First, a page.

PHILADELPHIA (AP) - NFL officials conspired to hide evidence linking concussions to dementia and brain disease, seven retired players charge in the latest lawsuit filed on the subject.
The fraud and negligence lawsuit filed in Philadelphia accuses the National Football League of publishing nonscientific papers written by biased members of its medical committee, while denouncing valid research that suggested a link.
The plaintiffs include former Philadelphia Eagles Ron Solt, who suffers from substantial memory loss, and Rich Miano, a University of Hawaii assistant coach who is asymptomatic but seeks medical monitoring.
At least eight similar lawsuits have been filed in New York, New Jersey, Georgia and Florida. Two-time Super Bowl champion Jim McMahon and more than 100 other players have signed on, citing symptoms that range from occasional memory problems to depression to degenerative brain disease.
"Rather than warn players that they risked permanent brain injury if they returned to play too soon after sustaining a concussion, the NFL actively deceived players, by misrepresenting to them that concussions did not present serious, life-altering risks," charges the suit filed Wednesday, the third to be filed in Philadelphia.
The NFL will ask federal judges next week to consolidate the cases there before U.S. District Judge Anita B. Brody, who has experience with multi-district litigation and was assigned the first NFL concussion case last summer.
In that case, the league argues the suit should be dismissed on grounds the claims are barred under the players' collective bargaining agreements. They've also moved to block players' lawyers from taking wide-ranging depositions, at least early on, as the plaintiffs seek to keep the case alive.
"Plaintiffs may not seek extensive, merits-based discovery in order to salvage their insufficiently pleaded claims," the NFL wrote in a filing this month.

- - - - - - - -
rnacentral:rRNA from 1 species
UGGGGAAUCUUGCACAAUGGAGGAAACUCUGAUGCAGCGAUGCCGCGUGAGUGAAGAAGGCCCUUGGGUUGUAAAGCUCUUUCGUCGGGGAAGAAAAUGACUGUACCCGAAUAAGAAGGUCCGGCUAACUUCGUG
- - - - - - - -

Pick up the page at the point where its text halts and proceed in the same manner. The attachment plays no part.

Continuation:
The players in that suit include former Minnesota Vikings offensive lineman Brent Boyd, described by his lawyers as the only living player diagnosed with chronic traumatic encephalopathy. The degenerative brain disease, known as CTE, has typically been found in autopsies of people who have had multiple head injuries, including more than a dozen former NFL and NHL players.
In the suit Wednesday, the 50-year-old Solt, of Wilkes-Barre, said he lives with substantial memory loss and ringing in the ears after suffering at least one concussion in his 10 NFL seasons, which included a stint with the Eagles from 1988 to 1991.
The suit seeks more than $5 million on behalf of the seven named players, four spouses and other ex-players who may join the potential class action.
The league rejects allegations that it failed to protect its players.
"The NFL has long made player safety a priority and continues to take steps to protect players and to advance the science and medical understanding of the management and treatment of concussions," spokesman Brian McCarthy said Thursday in a statement. "The NFL has never misled players with respect to the risks associated with playing football."
According to Locks, the NFL takes in $9.3 billion in revenues each year, while its 32 teams are valued at $800 million to more than $1 billion apiece.
The cost of caring for older players and monitoring their health is slim by comparison, he said.
"They're not that expensive compared to what the league makes," Locks said.